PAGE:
------------------------------------------------------------------- Deaths Linked To Drugs, Alcohol (A Cox Interactive Media article in the Atlanta Journal-Constitution notes the deaths last week of two sports celebrities from substance abuse - while suggesting that alcohol is not a drug. Carolina Hurricanes hockey player Steve Chiasson had a blood-alcohol level of 0.27 percent when he overturned his truck in North Carolina, and former Dallas Cowboys star Mark Tuinei injected heroin in Texas while using ecstasy.) Date: Tue, 11 May 1999 19:21:16 -0700 From: email@example.com (MAPNews) To: firstname.lastname@example.org Subject: MN: US GA: Deaths Linked To Drugs, Alcohol Sender: email@example.com Reply-To: firstname.lastname@example.org Organization: Media Awareness Project http://www.mapinc.org/lists/ Newshawk: ashley in atlanta (email@example.com) Pubdate: 05/11/1999 Source: Atlanta Journal-Constitution (GA) Copyright: 1999 Cox Interactive Media. Contact: firstname.lastname@example.org Website: http://www.accessatlanta.com/ajc/ Forum: http://www.accessatlanta.com/community/forums/ DEATHS LINKED TO DRUGS, ALCOHOL Substance abuse contributed to the deaths last week of Carolina Hurricanes hockey player Steve Chiasson and former Dallas Cowboys star Mark Tuinei. Chiasson's blood-alcohol level was 0.27 percent, more than three times the legal limit, when he was killed in a pickup truck accident on May 3. The limit in North Carolina is 0.08. Chiasson, 32, overturned his truck and was ejected from the vehicle after leaving a party at the home of teammate Gary Roberts, hours after the Hurricanes had been eliminated from the playoffs. He was not wearing a seatbelt. Chiasson's teammate Kevin Dineen said Chiasson refused to wait for a taxi and decided to drive to his nearby home. In Texas, a police affidavit revealed Tuinei, 39, injected heroin the night before he died. In the court document, Cowboys running back Nicky Sualua told police Tuinei also used the stimulant Ecstasy. Sualua said he and Tuinei went to a Dallas apartment to get the heroin and "Mark went into the bedroom, and he said, 'Here it is.' " "When Mark came back to the living room, he looked as if he was passing out. Nicky advised (that) Mark started having problems and stopped breathing," the affidavit said. Sualua said Tuinei was alive when he dragged the 6-foot-5, 320-pound ex-offensive lineman from the apartment to his car. Sualua then drove to Tuinei's house in suburban Dallas. Sualua slept in the car with Tuinei until about 5:30 a.m. Thursday, he told police. "When Nicky woke up, Mark was not breathing," the document said. In addition to heroin, Sualua said Tuinei had used Ecstasy, a hybrid of the hallucinogen mescaline and the stimulant amphetamine, at Tuinei's house earlier Wednesday evening.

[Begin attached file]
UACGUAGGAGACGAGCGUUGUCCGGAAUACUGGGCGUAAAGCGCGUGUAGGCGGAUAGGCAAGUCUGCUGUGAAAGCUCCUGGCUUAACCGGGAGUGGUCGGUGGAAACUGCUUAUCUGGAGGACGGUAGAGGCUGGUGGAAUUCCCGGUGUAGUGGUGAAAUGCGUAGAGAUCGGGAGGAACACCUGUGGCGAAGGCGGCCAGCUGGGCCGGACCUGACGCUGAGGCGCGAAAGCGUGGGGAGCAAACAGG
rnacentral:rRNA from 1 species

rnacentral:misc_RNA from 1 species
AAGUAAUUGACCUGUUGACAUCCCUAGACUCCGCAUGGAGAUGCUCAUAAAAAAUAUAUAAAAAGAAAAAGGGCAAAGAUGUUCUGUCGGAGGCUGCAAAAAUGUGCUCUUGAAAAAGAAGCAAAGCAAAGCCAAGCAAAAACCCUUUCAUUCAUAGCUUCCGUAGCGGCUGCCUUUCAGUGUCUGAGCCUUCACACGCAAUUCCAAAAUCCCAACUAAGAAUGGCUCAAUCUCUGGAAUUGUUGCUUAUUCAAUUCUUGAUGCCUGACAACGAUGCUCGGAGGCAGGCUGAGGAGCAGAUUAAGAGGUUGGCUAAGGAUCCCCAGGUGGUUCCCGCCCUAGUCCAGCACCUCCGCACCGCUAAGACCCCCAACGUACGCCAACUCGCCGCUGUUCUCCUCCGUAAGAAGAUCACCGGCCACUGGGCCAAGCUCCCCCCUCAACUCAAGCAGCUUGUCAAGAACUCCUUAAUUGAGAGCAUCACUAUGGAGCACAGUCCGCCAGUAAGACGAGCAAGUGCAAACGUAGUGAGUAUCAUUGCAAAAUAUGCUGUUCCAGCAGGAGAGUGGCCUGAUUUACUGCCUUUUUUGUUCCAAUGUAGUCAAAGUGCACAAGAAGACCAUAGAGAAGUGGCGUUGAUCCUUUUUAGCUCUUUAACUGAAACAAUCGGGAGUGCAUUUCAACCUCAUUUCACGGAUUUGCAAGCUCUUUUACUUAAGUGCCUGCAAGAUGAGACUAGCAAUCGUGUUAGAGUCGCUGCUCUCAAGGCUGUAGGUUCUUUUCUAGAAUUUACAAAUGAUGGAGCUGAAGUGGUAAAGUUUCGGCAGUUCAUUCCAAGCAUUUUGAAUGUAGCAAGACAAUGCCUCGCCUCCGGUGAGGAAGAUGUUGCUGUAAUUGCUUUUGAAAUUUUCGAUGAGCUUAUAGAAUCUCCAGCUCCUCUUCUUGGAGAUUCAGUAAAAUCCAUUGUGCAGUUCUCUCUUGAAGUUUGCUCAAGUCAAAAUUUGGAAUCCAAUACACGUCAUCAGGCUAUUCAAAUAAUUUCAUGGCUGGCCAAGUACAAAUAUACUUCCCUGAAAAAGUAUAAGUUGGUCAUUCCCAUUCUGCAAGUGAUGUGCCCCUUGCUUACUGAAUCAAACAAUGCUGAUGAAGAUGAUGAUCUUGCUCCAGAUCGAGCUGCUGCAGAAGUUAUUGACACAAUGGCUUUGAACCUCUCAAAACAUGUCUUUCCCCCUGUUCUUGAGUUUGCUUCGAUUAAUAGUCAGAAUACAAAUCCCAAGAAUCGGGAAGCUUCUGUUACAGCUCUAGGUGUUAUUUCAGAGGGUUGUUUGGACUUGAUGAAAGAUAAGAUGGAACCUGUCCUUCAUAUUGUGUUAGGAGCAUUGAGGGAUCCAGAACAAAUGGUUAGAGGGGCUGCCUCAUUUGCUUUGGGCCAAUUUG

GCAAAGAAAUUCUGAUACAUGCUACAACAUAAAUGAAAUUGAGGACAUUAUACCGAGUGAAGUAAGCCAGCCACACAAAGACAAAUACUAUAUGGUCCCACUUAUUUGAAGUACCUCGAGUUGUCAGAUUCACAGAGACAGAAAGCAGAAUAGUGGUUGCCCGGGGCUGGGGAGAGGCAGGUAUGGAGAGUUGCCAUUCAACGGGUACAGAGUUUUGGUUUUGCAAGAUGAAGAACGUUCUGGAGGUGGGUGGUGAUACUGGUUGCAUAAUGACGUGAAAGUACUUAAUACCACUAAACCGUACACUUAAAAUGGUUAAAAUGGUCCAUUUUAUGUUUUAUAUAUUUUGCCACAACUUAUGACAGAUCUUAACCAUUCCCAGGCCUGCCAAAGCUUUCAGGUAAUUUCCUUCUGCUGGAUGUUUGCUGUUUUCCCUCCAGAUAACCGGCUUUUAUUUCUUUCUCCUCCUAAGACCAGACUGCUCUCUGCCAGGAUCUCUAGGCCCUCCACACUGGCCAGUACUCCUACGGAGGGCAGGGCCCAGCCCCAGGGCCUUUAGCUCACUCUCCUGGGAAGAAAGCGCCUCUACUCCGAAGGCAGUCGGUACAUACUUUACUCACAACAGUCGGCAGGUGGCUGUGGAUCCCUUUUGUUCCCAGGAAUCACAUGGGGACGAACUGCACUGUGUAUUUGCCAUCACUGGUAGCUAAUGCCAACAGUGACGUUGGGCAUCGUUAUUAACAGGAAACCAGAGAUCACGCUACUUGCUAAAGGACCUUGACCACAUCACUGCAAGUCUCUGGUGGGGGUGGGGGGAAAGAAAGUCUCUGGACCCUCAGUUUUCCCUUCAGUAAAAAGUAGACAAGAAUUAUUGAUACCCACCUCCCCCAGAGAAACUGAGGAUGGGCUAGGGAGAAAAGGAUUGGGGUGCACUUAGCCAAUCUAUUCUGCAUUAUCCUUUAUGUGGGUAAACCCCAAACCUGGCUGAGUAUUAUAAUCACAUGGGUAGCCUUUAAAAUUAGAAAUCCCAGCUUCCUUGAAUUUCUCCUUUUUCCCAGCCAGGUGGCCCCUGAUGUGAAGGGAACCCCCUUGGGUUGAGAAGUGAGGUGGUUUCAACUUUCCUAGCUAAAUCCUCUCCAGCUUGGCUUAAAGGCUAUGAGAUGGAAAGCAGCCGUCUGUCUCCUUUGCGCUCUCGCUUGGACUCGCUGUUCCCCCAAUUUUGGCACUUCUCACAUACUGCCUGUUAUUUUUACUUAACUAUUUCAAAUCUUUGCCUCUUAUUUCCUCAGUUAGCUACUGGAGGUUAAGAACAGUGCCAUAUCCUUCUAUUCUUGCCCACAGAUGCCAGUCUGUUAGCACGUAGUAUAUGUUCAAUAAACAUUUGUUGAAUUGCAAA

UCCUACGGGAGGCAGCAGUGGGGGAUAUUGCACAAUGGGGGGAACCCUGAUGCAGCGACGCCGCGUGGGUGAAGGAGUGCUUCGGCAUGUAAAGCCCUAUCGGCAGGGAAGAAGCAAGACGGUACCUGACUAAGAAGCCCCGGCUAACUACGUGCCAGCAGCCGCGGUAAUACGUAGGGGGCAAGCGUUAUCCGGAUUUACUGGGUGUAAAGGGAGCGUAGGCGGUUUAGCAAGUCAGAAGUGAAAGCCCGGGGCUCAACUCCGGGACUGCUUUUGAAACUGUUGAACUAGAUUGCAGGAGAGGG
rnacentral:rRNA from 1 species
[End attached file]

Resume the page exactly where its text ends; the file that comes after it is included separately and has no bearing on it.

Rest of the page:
------------------------------------------------------------------- Drugs May Have Been Major Factor In Death For Former Cowboys Star (The Charlotte Observer version) Date: Tue, 11 May 1999 19:21:27 -0700 From: email@example.com (MAPNews) To: firstname.lastname@example.org Subject: MN: US TX: Drugs May Have Been Major Factor In Death For Former Sender: email@example.com Reply-To: firstname.lastname@example.org Organization: Media Awareness Project http://www.mapinc.org/lists/ Newshawk: General Pulaski Pubdate: Tue, 11 May 1999 Source: Charlotte Observer (NC) Copyright: 1999 The Charlotte Observer Contact: email@example.com Website: http://www.charlotte.com/observer/ DRUGS MAY HAVE BEEN MAJOR FACTOR IN DEATH FOR FORMER COWBOYS STAR Former Dallas Cowboys star Mark Tuinei used the drug Ecstasy and apparently took heroin the night before he died last week, a team player told police. Tuinei, 39, who helped lead Dallas to three Super Bowl titles, died Thursday after a friend found him unconscious in his car outside his Plano, Texas, home. Court documents state Cowboys running back Nicky Sualua said he spent Wednesday evening with Tuinei. Sualua said he and Tuinei went to a Dallas apartment to get heroin. "When Mark came back to the living room, he looked as if he was passing out. Nicky advised (that) Mark started having problems and stopped breathing," the court affidavit said. Sualua said he performed CPR, and Tuinei was alive when he dragged the 6-foot-5, 320-pound ex-offensive lineman to his car. Sualua said he drove to Tuinei's house, got two blankets and they slept in the car until about 5:30 a.m. "When Nicky woke up, Mark was not breathing," said the document. Sualua also said Tuinei used Ecstasy, a stimulant, at Tuinei's house Wednesday evening, according to the Collin County Court document. Tuinei, who retired in 1997, was pronounced dead at a hospital. Further toxicology tests were expected today.